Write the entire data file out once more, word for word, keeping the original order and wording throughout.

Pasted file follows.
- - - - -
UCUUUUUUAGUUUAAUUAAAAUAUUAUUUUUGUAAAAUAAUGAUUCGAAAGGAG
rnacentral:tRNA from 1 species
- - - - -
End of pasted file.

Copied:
UCUUUUUUAGUUUAAUUAAAAUAUUAUUUUUGUAAAAUAAUGAUUCGAAAGGAG
rnacentral:tRNA from 1 species